One of the first things I registered for and was most excited about receiving during the pregnancy was a Baby Bullet! I had decided several years ago that I would make our own baby food at home rather than spending all that money on already prepared food. Over the past few months though, I kept coming across this term, “Baby Led Weaning” and hearing several other moms say that’s what they were doing with their baby. So, of course I had to research this! There are several resources on the internet talking about Baby Led Weaning; one of them, wholesomebabyfood.com explains, “In short, Baby Led Weaning (BLW) is skipping thin and runny purées and not feeding your baby with a spoon. BLW means offering your baby (age appropriate) foods that are soft-cooked and cut or mashed into small easily manageable pieces…The foods are then given to your baby to eat without being pureed and without being spoon-fed. You do the cooking, the cutting or mashing and the offering of the foods and your baby does the rest.” I was intrigued immediately!
No purees? How can this be? Surely a 6 month old cannot eat foods that have not been pureed. Wouldn’t they choke?!? These questions led me to researching the history of baby food purees. In an article discussing infant feeding throughout the past century (Fomon, 2001), I realized for many years (and still today), many infants are starting solid (pureed) foods much earlier than 6 months. The first introduction of food (usually cereal) ranged from 2 days to about 5 months of age. With introducing foods this early, the baby will still have the tongue-thrust reflex where they reject foods that hit their tongue as well as a very immature swallowing reflex preventing them from moving food from the front to back of their mouth. The only way to accomplish feeding an infant this young would be to spoon-feed pureed foods into the back of their mouth. So my thought- if we are waiting until 6 months and he is truly ready for solids, maybe we don’t need to puree foods. But what about the choking? Well it turns out that the baby’s gag reflex starts out closer to the front of the mouth and gradually moves back further as they get older. Because their gag reflex is not all the way in the back of their mouth yet, you may hear them gag when they are first learning, but choking is not common.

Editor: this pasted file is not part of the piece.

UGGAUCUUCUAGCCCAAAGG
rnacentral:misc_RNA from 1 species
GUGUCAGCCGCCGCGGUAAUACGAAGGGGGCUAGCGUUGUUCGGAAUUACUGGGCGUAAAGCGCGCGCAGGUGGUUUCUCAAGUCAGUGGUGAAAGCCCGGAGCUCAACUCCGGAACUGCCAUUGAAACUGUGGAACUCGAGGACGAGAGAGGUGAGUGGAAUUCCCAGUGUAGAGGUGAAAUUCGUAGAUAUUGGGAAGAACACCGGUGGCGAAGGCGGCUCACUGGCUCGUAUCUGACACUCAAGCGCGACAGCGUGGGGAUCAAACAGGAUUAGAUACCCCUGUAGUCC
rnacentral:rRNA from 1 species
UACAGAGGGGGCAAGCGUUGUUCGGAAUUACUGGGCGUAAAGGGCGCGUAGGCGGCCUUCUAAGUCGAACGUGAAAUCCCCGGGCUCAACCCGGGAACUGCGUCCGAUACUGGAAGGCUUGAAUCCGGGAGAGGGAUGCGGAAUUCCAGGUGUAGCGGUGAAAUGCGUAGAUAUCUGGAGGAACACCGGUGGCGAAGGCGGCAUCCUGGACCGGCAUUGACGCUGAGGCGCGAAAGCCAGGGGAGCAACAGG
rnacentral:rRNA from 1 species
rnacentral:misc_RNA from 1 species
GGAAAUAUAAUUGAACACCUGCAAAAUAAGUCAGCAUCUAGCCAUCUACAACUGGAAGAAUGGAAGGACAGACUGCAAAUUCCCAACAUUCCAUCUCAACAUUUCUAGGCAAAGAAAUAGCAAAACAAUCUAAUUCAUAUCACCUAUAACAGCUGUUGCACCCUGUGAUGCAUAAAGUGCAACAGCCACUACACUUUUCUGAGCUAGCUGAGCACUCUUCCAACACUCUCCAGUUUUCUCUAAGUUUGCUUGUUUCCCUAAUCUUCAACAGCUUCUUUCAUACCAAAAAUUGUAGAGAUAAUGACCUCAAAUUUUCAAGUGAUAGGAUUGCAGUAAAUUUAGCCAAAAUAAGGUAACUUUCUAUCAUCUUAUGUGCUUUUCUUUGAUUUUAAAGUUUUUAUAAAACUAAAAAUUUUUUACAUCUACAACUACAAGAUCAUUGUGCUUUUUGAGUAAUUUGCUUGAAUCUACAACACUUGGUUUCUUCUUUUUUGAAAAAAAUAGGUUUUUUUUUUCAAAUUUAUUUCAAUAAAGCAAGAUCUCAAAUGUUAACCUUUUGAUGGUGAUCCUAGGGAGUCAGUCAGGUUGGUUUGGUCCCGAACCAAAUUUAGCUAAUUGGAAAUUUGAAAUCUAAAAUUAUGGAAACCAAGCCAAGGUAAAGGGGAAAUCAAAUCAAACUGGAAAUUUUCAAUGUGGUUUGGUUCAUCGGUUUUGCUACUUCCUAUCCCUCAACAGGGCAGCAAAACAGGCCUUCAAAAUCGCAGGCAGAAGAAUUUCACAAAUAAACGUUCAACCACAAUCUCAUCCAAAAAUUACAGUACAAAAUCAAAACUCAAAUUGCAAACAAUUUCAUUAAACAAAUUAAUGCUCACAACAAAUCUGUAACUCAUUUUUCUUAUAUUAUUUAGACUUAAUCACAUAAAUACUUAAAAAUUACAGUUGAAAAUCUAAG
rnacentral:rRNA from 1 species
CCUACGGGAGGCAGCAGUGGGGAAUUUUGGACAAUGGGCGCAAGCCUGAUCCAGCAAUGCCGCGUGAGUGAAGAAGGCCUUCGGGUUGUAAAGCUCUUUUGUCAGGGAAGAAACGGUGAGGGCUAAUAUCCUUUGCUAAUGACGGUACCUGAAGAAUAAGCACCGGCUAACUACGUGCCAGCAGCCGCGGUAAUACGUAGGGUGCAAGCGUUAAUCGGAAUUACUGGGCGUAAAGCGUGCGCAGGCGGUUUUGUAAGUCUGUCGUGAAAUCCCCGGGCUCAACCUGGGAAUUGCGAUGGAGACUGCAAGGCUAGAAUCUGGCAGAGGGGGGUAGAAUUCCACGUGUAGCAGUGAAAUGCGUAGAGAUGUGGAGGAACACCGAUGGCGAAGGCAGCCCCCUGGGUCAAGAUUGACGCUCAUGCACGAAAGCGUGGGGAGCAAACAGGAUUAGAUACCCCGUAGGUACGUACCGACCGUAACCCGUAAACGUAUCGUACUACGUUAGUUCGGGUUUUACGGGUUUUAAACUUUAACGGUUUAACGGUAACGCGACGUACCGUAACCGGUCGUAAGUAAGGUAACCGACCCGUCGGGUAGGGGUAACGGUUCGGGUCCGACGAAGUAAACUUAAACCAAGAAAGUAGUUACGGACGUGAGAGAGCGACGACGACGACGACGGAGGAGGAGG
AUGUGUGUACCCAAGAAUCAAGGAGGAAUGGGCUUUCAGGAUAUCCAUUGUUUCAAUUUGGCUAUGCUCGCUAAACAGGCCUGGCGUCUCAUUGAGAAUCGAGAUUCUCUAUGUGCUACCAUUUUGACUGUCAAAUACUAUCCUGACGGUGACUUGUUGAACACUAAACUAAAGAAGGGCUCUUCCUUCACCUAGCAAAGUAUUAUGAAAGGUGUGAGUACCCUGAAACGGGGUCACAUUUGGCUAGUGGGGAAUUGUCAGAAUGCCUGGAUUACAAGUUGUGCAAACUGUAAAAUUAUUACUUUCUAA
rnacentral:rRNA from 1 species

Are purees a bad thing? No, not necessarily. So why would we want to try BLW? A few reasons.
1. Anything that saves money can be good thing! Dino will be able to eat the same foods we will be eating (minus salt and sugar).
2. Anything that saves time is a good thing! Making my own purees would require the extra time of food preparation.
3. Research looks promising! A new article was published this past February concluding that the spoon-fed infants favored more sweet foods compared with the BLW group as well as the BLW group having a lower BMI (Townsend, 2012). BLW is gaining much popularity in the UK and is starting to catch on here in the US, but because it is a newer approach, research is limited. I have yet to read or hear a mom say anything negative about BLW that has used this method, but only positive, great things.
Although I don’t think this is necessarily the best feeding method for every child, I think it could really work well for our little Dino. Hey- It’s worth a try!
Fomon, S. J. (2001). Infant feeding in the 20th century: Formula and beikost. The Journal of Nutrition, 131(2), 4095-4205. Retrieved from http://jn.nutrition.org/content/131/2/409S.full
Townsend , E. (2012). Baby knows best? the impact of weaning style on food preferences and body mass index in early childhood in a case–controlled sample. BMJ: Nutrition and metabolism, 2(1), Retrieved from http://bmjopen.bmj.com/content/2/1/e000298.full